By Anna Wyckoff | September 20, 2022
The Statuette:The Adrian
designed by David Le Vey
The glittering, undulating Costume Designers Guild Awards statuette, originally minted by the jeweler Bvlgari, has become a coveted and celebrated symbol in its own right. When asked about his inspiration, David Le Vey says he was influenced by the gilded Hollywood films of the forties and fifties. Le Vey sought to marry the aesthetics of the 19th-century sculptor Canova to the surrealism of Dali by way of Technicolor and to use his lifelong fascination with billowing fabric. He wanted to capture the feeling of the moment from “Broadway Melody” the Gene Kelly-Cyd Charisse dance sequence from Singin’ in the Rain, designed by Walter Plunkett.
“The statuette is meant to evoke two things above all,” explains Le Vey, “that a costume designer’s work both reveals and conceals the mystery of a character, and that costume design is an art of volume and movement, of light and shadow, as well as color, texture, and silhouette.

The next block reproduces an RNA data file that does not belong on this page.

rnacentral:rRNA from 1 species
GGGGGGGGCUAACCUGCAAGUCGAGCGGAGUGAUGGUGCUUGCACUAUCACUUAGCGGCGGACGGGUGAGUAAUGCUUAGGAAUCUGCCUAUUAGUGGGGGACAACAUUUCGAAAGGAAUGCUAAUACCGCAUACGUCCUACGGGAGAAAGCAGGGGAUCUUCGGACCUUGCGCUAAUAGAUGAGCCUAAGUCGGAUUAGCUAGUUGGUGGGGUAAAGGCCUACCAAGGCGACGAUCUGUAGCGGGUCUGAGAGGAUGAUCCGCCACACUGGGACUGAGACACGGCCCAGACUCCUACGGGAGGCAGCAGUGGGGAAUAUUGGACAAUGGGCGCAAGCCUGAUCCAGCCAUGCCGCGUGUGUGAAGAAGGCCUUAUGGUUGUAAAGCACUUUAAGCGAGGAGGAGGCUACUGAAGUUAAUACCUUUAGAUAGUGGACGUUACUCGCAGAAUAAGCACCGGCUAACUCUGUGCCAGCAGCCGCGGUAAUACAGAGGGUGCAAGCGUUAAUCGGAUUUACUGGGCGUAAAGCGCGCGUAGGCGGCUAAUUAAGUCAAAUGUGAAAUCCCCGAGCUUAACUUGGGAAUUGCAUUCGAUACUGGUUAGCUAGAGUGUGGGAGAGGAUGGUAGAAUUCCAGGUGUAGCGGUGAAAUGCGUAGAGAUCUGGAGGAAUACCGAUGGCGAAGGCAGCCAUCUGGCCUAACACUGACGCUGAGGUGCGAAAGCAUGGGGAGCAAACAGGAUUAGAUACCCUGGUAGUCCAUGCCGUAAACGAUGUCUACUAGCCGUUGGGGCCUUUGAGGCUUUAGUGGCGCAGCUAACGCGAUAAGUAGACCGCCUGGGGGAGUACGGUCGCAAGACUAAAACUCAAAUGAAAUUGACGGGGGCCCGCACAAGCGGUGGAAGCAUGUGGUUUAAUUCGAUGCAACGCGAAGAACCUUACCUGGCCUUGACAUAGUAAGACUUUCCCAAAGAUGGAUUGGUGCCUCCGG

I suppose the image of amorphous fabric floating down and resolving into the human form suggested costume design to me as an act of creation as much as of appropriation
To represent us in a single sculptural image, therefore, something timelessly classical yet fantastical and mysterious; the ethereal and the earthy conjoined. I really—we all really—wanted it to have a striking presence.” For the 25th anniversary of the Costume Designers Guild Awards, the statuette was named The Adrian in honor of legendary costume designer Gilbert Adrian. Read the article here.